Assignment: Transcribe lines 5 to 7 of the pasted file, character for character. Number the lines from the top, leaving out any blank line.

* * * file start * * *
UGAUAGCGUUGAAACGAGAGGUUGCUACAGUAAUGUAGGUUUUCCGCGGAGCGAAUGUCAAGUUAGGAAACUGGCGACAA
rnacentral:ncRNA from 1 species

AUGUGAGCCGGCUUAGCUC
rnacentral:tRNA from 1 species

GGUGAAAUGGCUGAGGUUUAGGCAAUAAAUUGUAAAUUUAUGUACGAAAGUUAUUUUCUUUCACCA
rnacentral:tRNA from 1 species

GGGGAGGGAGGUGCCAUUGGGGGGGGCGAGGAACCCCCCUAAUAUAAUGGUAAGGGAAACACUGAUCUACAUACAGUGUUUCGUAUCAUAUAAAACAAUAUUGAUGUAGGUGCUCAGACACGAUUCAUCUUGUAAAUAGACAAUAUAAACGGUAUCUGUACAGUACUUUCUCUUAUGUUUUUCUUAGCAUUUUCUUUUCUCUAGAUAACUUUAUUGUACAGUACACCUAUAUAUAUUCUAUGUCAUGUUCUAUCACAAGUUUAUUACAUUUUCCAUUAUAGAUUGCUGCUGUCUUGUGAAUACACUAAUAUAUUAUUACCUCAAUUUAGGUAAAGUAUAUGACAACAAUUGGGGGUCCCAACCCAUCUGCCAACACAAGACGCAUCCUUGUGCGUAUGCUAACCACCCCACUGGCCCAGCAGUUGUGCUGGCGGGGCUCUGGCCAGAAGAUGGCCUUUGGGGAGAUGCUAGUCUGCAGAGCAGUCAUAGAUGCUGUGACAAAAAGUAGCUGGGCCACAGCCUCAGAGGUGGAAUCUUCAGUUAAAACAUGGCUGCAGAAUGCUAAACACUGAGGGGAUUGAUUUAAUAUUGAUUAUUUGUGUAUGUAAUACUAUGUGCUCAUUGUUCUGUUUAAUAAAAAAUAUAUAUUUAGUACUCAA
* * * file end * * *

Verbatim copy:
GGUGAAAUGGCUGAGGUUUAGGCAAUAAAUUGUAAAUUUAUGUACGAAAGUUAUUUUCUUUCACCA
rnacentral:tRNA from 1 species

GGGGAGGGAGGUGCCAUUGGGGGGGGCGAGGAACCCCCCUAAUAUAAUGGUAAGGGAAACACUGAUCUACAUACAGUGUUUCGUAUCAUAUAAAACAAUAUUGAUGUAGGUGCUCAGACACGAUUCAUCUUGUAAAUAGACAAUAUAAACGGUAUCUGUACAGUACUUUCUCUUAUGUUUUUCUUAGCAUUUUCUUUUCUCUAGAUAACUUUAUUGUACAGUACACCUAUAUAUAUUCUAUGUCAUGUUCUAUCACAAGUUUAUUACAUUUUCCAUUAUAGAUUGCUGCUGUCUUGUGAAUACACUAAUAUAUUAUUACCUCAAUUUAGGUAAAGUAUAUGACAACAAUUGGGGGUCCCAACCCAUCUGCCAACACAAGACGCAUCCUUGUGCGUAUGCUAACCACCCCACUGGCCCAGCAGUUGUGCUGGCGGGGCUCUGGCCAGAAGAUGGCCUUUGGGGAGAUGCUAGUCUGCAGAGCAGUCAUAGAUGCUGUGACAAAAAGUAGCUGGGCCACAGCCUCAGAGGUGGAAUCUUCAGUUAAAACAUGGCUGCAGAAUGCUAAACACUGAGGGGAUUGAUUUAAUAUUGAUUAUUUGUGUAUGUAAUACUAUGUGCUCAUUGUUCUGUUUAAUAAAAAAUAUAUAUUUAGUACUCAA